SENT: just an example
just\t06482823
an\t01298744
example\t01724894"""

elements = [Element(part) for part in text.split("\n\n")]

for el in elements:
    print el
    print el.ID
    print el.sent
    print el.words
    print

In the main code (one line, the list comprehension) the text is only split at each double new-line. Then, all logic is deferred into the __init__ method, making it very local.

Using a class also gives you the benefit of __str__, allowing you control over how your objects are printed.

You could also consider rewriting the last three lines of __init__ to:

self._words = dict([line.split("\t") for line in lines[2:]])

but I wrote a plain loop as it seemed to be easier to understand.

Using a class also gives you the

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1  
That's some very java-esque OOP you've got going there. –  Eric Mar 25 '13 at 8:00
    
Thanks but i'm sorry to say that probably won't work for me –  watisit Mar 25 '13 at 8:27
    
Interesting, for me it works, maybe your whitespaces are a little bit different. Why doesn't it work? Do you get an exception? Do you need a somewhat different output? –  Thorsten Kranz Mar 25 '13 at 13:25

I'm not sure exactly what output you need but you can adjust this to fit your needs (This uses the itertools grouper recipe):

>>> from itertools import izip_longest
>>> def grouper(n, iterable, fillvalue=None):
        "Collect data into fixed-length chunks or blocks"
        # grouper(3, 'ABCDEFG', 'x') --> ABC DEF Gxx
        args = [iter(iterable)] * n
        return izip_longest(fillvalue=fillvalue, *args)

>>> with open('text.txt') as f:
        print [[x.rstrip().split(None, 1) for x in g if x.rstrip()]
               for g in grouper(6, f, fillvalue='')]


[[['ID:', '00000001'], ['SENT:', 'to do something'], ['to', '01573831'], ['do', '02017283'], ['something', '03517283']], 
 [['ID:', '00000002'], ['SENT:', 'just an example'], ['just', '06482823'], ['an', '01298744'], ['example', '01724894']]]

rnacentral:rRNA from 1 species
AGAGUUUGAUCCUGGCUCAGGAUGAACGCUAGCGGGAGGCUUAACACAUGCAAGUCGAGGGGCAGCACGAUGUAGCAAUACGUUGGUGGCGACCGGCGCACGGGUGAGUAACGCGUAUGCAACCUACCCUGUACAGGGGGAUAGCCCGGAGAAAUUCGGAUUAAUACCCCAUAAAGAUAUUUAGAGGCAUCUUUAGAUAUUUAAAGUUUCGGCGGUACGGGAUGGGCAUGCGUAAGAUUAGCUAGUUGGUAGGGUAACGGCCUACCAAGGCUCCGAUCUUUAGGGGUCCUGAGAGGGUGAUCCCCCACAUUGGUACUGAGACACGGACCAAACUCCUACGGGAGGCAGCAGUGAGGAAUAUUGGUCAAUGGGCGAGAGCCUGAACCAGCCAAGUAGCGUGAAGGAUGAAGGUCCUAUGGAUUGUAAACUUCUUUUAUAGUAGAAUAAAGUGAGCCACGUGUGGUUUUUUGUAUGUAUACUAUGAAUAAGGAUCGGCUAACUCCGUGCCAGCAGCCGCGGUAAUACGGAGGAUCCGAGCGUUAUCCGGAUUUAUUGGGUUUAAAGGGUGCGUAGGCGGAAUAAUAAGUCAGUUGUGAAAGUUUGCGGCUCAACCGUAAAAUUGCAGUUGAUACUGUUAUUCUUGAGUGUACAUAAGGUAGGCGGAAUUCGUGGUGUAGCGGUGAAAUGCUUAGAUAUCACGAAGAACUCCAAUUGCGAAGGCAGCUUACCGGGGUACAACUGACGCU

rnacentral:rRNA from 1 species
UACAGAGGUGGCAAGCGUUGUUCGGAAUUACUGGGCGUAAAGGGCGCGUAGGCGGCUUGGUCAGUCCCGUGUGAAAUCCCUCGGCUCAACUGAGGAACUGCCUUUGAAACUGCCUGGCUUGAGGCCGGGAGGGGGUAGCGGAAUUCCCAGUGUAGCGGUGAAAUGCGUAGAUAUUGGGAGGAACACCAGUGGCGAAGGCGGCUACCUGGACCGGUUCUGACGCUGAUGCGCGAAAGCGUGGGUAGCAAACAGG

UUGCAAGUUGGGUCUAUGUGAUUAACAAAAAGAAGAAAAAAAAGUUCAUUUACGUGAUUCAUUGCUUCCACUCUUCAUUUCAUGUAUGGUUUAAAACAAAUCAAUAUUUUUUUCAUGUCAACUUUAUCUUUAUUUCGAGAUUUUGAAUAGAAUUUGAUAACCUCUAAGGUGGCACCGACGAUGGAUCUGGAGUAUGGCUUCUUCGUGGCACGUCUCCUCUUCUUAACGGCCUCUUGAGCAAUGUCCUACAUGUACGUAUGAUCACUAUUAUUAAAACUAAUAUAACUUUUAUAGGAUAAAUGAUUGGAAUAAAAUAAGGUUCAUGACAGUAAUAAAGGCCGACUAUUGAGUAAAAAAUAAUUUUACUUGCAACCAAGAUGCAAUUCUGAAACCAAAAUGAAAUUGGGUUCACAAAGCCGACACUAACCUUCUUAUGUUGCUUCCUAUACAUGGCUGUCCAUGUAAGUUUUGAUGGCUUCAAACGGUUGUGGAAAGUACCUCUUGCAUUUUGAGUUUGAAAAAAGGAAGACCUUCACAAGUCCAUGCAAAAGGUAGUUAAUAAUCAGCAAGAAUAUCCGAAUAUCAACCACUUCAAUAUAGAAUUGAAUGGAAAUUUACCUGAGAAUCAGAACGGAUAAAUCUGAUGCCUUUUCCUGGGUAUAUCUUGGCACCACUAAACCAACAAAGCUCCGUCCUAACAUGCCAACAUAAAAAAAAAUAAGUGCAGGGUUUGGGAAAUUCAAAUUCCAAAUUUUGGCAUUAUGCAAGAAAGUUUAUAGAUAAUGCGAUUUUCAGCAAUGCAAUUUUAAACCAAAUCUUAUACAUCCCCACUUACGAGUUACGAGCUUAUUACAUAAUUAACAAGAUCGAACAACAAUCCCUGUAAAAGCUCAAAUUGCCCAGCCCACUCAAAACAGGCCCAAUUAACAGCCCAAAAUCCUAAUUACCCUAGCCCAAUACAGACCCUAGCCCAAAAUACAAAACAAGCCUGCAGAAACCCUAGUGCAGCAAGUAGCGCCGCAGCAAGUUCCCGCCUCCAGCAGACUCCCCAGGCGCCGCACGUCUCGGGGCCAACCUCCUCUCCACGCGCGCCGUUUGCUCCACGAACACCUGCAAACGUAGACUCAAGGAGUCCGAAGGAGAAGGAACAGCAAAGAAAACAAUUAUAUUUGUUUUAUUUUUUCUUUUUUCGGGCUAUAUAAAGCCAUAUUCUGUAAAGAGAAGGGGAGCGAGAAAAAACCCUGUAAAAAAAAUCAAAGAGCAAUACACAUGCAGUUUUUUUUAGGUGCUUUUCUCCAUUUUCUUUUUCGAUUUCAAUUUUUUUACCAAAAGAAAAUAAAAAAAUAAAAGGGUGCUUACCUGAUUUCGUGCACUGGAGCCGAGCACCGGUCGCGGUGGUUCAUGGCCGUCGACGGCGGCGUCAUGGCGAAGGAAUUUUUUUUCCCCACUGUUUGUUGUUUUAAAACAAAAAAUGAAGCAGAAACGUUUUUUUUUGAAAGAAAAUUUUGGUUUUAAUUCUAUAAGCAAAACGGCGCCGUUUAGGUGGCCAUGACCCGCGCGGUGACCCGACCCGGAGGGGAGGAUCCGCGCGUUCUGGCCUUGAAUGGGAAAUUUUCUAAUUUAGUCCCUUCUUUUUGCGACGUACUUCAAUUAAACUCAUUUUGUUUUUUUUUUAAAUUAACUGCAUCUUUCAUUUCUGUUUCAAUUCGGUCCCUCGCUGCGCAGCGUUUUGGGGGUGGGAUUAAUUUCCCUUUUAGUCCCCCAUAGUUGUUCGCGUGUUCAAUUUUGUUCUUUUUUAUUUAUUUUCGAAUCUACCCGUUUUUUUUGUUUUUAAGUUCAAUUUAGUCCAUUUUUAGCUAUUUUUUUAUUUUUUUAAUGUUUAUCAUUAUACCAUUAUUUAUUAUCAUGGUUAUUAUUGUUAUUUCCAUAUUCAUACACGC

share|improve this answer

would this work for you?:

Top - level (which you have done)

def get_parent(text, parent):
    """recursively walk through text, looking for 'ID' tag"""

    # find open_ID and close_ID
    open_ID = text.find('ID')
    close_ID = text.find('ID', open_ID + 1)

    # if there is another instance of 'ID', recursively walk again
    if close_ID != -1:
        parent.append(text[open_ID : close_ID])
        return get_parent(text[close_ID:], parent)
    # base-case 
    else:
        parent.append(text[open_ID:])
        return

Second - level: split by newlines:

def child_split(parent):
    index = 0
    while index < len(parent):
        parent[index] = parent[index].split('\n')
        index += 1

Third - level: split the 'ID' and 'SENT' fields

def split_field(parent, index):
if index < len(parent):
    child = 0
    while child < len(parent[index]):
        if ':' in parent[index][child]:
            parent[index][child] = parent[index][child].split(':')
        else:
            parent[index][child] = parent[index][child].split()
        child += 1
    return split_field(parent, index + 1)
else:
    return

Running it all together:

def main(text):
    parent = []
    get_parent(text, parent)
    child_split(parent)
    split_field(parent, 0)

The result is quite nested, perhaps it can be cleaned up somewhat? Or perhaps the split_fields() function could return a dictionary?

share|improve this answer
    
This is what I love about Stackoverflow - the variety of answers is fantastic. Really like Eric's answer, very elegant. Thanks! –  Nick Burns Mar 25 '13 at 8:33